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Archive: The Dismal Science November 2012

Sugar tax: The Gibson Critique

Eric Crampton Dec 09, 2016

Waikato’s Professor John Gibson last week delivered at Motu what has to be the most devastating critique of the empirical estimates on sugar tax effects that I’ve yet seen. Gibson’s slides are here. Minister of Health Jonathan Coleman has been holding off on sugar taxes, saying that he needed to hold on the results of a couple of … Read More

Key’s legacy – an economist’s view

Michael Reddell Dec 06, 2016

Perhaps nothing became John Key more than the manner of his departure.  Tired –  “nothing left in the tank” –  and admirably unwilling to go into an election year and lie about his willingness to serve another full term, or to just struggle on, he chose to walk away instead. It is rare for political leaders to leave voluntarily when they are well, … Read More

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Prime Minister English?

Eric Crampton Dec 06, 2016

If outgoing Prime Minister John Key has any influence over the choices, and if Bill English wants the job, I expect English will succeed Key as Prime Minister and Steven Joyce will move to the Finance portfolio. More than anybody else in government, as best I’ve been able to tell, Bill English thinks in terms of incentives and institutions. He … Read More

Compensating organ donors

Eric Crampton Dec 01, 2016

It is illegal to pay organ donors for their gift. Economists can easily explain the consequences: at a price of zero, you have a big shortage. This is particularly the case for live donors, where donors face real personal costs, both in the transplant process and in recuperation. Chris Bishop’s bill, which passed Third Reading in the House yesterday, … Read More

Productivity Commission: Good ideas – but now what?

Donal Curtin Nov 29, 2016

Yesterday’s report from the Productivity Commission, ‘Achieving New Zealand’s Productivity Potential’ (press release here, overview here, whole thing here), is full of good ideas. In the housing market, for example, their proposals would have the happy outcome of pressing both the equity and efficiency buttons at once. In addition to dealing to people sleeping in … Read More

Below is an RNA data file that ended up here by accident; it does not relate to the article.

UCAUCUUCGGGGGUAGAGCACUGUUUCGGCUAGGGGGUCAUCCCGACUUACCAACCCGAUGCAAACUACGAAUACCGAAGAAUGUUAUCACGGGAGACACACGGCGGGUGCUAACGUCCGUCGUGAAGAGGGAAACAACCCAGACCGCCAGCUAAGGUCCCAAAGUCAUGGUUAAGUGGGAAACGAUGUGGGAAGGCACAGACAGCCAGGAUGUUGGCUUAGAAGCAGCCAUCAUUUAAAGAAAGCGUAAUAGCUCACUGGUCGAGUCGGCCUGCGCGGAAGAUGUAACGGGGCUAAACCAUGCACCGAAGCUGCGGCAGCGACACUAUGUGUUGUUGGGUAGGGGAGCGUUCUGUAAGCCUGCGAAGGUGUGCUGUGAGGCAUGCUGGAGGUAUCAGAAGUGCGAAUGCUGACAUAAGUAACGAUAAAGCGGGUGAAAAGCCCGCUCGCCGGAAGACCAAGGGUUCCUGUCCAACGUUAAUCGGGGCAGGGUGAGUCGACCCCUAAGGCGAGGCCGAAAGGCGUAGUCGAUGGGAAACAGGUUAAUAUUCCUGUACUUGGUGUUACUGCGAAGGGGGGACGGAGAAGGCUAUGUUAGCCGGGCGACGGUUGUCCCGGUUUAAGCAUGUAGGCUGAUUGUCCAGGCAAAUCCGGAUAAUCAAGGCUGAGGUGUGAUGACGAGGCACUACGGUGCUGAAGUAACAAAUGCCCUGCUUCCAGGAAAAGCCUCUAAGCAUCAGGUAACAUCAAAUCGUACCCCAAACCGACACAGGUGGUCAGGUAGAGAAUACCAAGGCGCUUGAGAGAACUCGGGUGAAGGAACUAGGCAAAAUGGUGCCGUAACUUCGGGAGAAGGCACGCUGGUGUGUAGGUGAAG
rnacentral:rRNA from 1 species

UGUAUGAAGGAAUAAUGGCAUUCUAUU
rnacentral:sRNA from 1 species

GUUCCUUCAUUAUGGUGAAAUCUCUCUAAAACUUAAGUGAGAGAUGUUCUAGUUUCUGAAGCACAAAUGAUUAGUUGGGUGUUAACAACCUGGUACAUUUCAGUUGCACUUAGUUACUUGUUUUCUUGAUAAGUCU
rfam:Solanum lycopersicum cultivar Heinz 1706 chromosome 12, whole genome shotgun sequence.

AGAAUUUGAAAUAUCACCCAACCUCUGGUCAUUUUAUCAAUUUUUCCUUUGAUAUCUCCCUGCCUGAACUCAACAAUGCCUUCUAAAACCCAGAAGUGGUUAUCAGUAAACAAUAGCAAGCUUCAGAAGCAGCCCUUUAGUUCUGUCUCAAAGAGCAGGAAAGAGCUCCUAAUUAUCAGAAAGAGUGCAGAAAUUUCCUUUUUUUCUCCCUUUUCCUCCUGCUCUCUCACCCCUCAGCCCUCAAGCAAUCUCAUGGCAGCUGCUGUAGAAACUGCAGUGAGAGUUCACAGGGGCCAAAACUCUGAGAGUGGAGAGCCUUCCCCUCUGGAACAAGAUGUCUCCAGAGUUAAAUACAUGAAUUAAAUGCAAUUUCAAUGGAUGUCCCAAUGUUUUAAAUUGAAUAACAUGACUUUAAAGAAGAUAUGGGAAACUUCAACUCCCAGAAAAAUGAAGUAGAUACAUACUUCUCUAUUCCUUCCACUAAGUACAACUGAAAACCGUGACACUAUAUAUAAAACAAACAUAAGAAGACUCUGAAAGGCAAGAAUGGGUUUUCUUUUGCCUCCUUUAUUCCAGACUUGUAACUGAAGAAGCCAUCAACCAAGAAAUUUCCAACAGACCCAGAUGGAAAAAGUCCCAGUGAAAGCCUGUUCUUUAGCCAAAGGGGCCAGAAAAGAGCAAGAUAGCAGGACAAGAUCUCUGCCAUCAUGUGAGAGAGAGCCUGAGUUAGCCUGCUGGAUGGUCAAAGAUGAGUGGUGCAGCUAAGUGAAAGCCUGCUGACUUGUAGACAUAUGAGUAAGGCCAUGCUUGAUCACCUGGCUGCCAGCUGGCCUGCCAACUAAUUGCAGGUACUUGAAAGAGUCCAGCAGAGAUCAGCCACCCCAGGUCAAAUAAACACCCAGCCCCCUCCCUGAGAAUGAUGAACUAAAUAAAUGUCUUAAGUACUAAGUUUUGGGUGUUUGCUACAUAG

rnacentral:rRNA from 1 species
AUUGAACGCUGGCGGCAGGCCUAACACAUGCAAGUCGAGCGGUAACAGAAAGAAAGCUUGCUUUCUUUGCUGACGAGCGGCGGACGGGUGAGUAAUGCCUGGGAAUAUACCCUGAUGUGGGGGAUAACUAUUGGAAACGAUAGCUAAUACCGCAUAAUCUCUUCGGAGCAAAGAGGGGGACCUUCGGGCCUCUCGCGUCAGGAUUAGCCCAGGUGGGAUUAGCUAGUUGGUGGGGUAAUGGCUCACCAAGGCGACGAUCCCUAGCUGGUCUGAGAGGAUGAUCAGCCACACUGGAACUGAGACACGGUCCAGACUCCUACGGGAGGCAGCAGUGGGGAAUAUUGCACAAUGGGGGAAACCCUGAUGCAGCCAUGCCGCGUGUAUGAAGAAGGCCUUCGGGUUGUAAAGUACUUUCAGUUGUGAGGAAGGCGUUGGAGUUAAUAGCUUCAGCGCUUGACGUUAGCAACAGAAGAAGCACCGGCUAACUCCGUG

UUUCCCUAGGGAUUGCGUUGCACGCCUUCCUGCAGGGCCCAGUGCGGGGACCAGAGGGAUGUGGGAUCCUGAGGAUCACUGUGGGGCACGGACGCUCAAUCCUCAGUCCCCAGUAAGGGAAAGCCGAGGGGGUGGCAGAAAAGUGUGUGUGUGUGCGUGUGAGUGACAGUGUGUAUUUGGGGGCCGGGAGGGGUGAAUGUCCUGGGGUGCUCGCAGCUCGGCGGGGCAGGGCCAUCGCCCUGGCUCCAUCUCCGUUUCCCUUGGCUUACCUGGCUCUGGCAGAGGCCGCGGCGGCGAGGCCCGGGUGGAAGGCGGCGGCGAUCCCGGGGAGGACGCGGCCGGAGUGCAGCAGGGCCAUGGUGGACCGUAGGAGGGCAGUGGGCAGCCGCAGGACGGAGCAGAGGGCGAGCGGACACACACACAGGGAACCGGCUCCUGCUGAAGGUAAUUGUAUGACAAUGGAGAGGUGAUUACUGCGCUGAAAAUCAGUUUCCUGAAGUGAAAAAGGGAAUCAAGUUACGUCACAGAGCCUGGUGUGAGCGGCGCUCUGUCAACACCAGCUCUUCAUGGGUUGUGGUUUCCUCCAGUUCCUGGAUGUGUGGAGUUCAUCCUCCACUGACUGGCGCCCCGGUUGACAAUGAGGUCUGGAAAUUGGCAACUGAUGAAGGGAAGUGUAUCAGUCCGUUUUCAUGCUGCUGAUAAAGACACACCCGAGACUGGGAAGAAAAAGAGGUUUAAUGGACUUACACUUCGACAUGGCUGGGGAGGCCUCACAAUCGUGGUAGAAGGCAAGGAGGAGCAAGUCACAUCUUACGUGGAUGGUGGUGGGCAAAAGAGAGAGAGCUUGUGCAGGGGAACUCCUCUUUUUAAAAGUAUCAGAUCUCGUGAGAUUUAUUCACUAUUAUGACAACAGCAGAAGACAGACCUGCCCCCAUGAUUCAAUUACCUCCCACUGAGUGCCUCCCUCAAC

Thoughts prompted by Cuba

Michael Reddell Nov 28, 2016

Fidel Castro is dead.  Sadly, the same can’t be said for the brutal regime that has controlled Cuba for 57 years now –  the regime that suppresses speech, religion, and the exercise of democratic freedoms that we take for granted; the regime that executed thousands of its political opponents and which, to this day, imprisons many of those brave … Read More

Quake-prone heritage buildings: spring cleaning

Eric Crampton Nov 25, 2016

Wellington’s quake-prone heritage-listed buildings remain scary. My column in this week’s NBR ($) suggests prioritising the risky heritage buildings, pulling the heritage listings from the scariest ones, and putting public money into the ones where the heritage amenity is really worth it.  Or, Council could just buy the buildings from their owners, fix them itself, and sell them afterwards – … Read More

Uber ignorant

Eric Crampton Nov 25, 2016

Parliament’s transport select committee is considering how to modernise transport regulations… A lot of people who should have failed intermediate microeconomics like to make the following argument. The theory of perfect competition has perfect information as an underlying assumption Nobody has perfect information Therefore, government must regulate to protect people from bad choices because market failure. It’s wrong on a … Read More

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NZ Visas for Nobel winners?

Eric Crampton Nov 24, 2016

Sir Clive Granger won the Nobel Prize in Economics while a visitor at the University of Canterbury’s Economics Department. He loved visiting us. And we loved having him visit us. One of my favourite Sir Clive stories, which predated my joining the Department, was of a departmental seminar where he, as usual, sat quietly at the back of the room. Read More

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